Do all healthy things grow? Yes.
Do all healthy churches become big churches? No.
But many of us have been ministering under that false assumption. We've been told there’s one set of ingredients. Use them to become a healthy church and it will inevitably become a big church.
The truth is, there’s not just one list of ingredients.
There are two lists.
One for a healthy church, one for a big church.
And the lists don’t overlap.
Thankfully, they're not mutually exclusive, either. A church can be both big and healthy – or small and healthy.
Let’s take a look at both lists.
List 1: Ingredients for a Healthy Church
There are two ingredients needed for a great, healthy church. We see them in the Great Commandment and the Great Commission.
- Love and worship Jesus.
- Love, serve and make disciples of others.
That’s it. One list with two simple items.
If you're doing the Great Commandment and Great Commission you have a great church. No matter the size, the denomination, or the liturgy.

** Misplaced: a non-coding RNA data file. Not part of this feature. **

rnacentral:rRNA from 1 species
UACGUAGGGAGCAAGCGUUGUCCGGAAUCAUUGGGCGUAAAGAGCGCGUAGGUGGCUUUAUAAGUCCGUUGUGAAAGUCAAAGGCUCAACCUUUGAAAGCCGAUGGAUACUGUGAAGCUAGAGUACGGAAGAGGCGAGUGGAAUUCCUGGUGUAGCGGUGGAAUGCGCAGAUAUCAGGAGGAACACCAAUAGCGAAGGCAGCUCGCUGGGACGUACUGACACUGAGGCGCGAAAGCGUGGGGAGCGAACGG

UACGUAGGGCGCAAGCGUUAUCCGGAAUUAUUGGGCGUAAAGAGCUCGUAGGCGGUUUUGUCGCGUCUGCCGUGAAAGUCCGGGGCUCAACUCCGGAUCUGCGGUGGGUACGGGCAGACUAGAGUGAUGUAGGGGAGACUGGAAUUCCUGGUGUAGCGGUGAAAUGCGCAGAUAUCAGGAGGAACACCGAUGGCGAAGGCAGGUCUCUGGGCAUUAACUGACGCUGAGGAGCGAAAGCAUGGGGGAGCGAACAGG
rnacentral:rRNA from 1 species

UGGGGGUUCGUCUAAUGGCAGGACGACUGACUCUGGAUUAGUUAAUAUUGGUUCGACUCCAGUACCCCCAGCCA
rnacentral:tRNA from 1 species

We can even break them into bite-size pieces. The most common way of doing that is using the five elements of Worship, Ministry, Discipleship, Evangelism and Fellowship. Loving Jesus and loving others is what those five are all about.
But won’t a healthy church grow? Of course. But not all growth is numerical.
Healthy peas and healthy pumpkins grow to different sizes for different purposes. So do different churches.
Sometimes church growth means a bigger pumpkin. Most of the time it means more peas.
List 2: Ingredients for a Big Church
When it comes to building a big church, there’s another list of ingredients. And it’s a long one, with more being added as a church gets bigger.
For a megachurch, it’s a really long list. Here are just a few of those ingredients:
- Lots of people
- Lots of money
- Lots of land
- A large facility (or network of facilities)
- Years of hard work and sacrifice
- A government that hasn’t outlawed the church
- A culture that doesn’t persecute Christians
- A large base of wealthy, generous Christians
- The ability to hire, pay and coordinate architects, designers and contractors
- A cooperative city government
- Lack of opposition from neighbors
- A long-term pastorate
- Highly complex administrative and delegation skills